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dc.contributor.advisorDelaporte, Kate-
dc.contributor.authorDelano, Paulina Vielma-
dc.descriptionTitle page, abstract and table of contents only. The complete thesis in print form is available from the University of Adelaide Library.-
dc.description.abstractDuring development, plants go through a period of vegetative growth (juvenile phase) followed by a period of reproductive growth period (adult phase). In perennial woody species, such as the ornamental eucalypt species Corymbia ficifolia, the juvenile phase can last for four or more years making breeding programs expensive, challenging and time consuming. This prolonged juvenile phase makes the production of early flowering lines desirable. Previous studies in model plants have suggested that phase change is regulated by genetic and/or epigenetic mechanisms. During the development of a micropropagated C. ficifolia hybrid line, it was observed that some clones exhibited an early phase change, resulting in the production of flowers 24-30 months after deflasking, as opposed to the usual four years (48 months). To understand the underlying molecular mechanism of this early phase change, the methylation sensitive amplified polymorphism (MSAP) method was used to analyse changes in DNA methylation patterns between three C. ficifolia phenotypes early flowering (EF), normal flowering (NF), and unknown (UK). This method studies genome wide methylation, however it is limited to the recognition sites of the HapII and MspI restriction enzymes. Interestingly, our results show that the main contributor to the variation in DNA methylation patterns among in vitro propagated plants was the environment in which plants were grown after in vitro culture. Additionally, higher levels of epigenetic somaclonal variability in EF clones than in their NF counterparts suggests that such changes could be linked to the early flowering phenotype observed.en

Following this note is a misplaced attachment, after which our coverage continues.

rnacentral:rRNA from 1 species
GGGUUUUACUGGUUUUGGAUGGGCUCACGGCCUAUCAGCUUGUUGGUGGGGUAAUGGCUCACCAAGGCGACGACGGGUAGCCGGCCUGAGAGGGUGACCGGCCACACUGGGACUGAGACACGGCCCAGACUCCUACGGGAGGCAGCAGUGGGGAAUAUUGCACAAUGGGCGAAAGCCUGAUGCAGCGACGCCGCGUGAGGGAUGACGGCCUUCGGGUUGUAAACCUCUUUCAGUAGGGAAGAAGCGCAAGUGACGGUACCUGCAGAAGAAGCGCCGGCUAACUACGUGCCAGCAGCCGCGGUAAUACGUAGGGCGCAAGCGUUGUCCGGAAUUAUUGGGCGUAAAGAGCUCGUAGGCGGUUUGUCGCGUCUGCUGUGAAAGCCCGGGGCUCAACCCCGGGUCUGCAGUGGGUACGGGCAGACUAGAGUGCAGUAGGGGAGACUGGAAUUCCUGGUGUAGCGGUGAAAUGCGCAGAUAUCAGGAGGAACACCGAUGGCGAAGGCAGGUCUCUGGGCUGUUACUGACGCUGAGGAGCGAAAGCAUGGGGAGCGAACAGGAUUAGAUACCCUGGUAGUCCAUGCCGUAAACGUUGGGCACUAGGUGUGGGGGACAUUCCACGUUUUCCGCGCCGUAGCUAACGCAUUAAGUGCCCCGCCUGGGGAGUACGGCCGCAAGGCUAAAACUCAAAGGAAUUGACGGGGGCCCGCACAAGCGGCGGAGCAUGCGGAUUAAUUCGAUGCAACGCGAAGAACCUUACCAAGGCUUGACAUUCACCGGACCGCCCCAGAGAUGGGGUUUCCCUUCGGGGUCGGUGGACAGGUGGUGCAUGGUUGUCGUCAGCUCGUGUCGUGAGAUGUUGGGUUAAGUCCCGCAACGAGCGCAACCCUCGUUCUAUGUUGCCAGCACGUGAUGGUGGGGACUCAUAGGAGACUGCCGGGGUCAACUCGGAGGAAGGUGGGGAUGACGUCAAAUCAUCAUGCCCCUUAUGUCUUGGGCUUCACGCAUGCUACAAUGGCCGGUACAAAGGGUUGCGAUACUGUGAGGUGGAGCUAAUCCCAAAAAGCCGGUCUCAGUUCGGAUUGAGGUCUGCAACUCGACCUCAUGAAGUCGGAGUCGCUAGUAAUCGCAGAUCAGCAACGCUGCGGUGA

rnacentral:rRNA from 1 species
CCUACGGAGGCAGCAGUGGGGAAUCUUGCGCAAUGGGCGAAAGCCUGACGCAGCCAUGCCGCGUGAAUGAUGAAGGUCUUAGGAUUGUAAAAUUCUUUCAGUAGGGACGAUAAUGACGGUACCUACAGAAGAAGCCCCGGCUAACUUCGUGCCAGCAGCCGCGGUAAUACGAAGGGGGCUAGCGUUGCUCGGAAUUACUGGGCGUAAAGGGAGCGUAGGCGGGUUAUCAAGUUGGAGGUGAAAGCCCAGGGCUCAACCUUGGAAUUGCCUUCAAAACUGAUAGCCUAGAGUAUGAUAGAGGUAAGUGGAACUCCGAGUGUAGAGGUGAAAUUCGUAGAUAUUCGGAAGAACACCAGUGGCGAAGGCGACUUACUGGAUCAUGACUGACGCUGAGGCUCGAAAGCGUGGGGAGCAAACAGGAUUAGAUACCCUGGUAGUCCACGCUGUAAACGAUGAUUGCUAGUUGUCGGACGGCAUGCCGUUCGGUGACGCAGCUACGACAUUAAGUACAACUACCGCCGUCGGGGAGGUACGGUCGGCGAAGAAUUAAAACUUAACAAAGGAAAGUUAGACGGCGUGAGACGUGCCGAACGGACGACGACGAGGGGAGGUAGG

dc.subjectCorymbia ficifoliaen
dc.subjectDNA methylationen
dc.subjectsomaclonal variationen
dc.titleEpigenetic analysis of an early flowering phenotype in Corymbia ficifolia induced by in vitro micropropagationen
dc.contributor.schoolSchool of Agriculture, Food and Wineen
dc.provenanceMasters of Biotechnology (Plant Biotechnology) by courseworken
dc.description.dissertationThesis (M.Bio.(PB)) -- University of Adelaide, Masters of Biotechnology (Plant Biotechnology), School of Agriculture, Food and Wine, 2016en
Appears in Collections:School of Agriculture, Food and Wine

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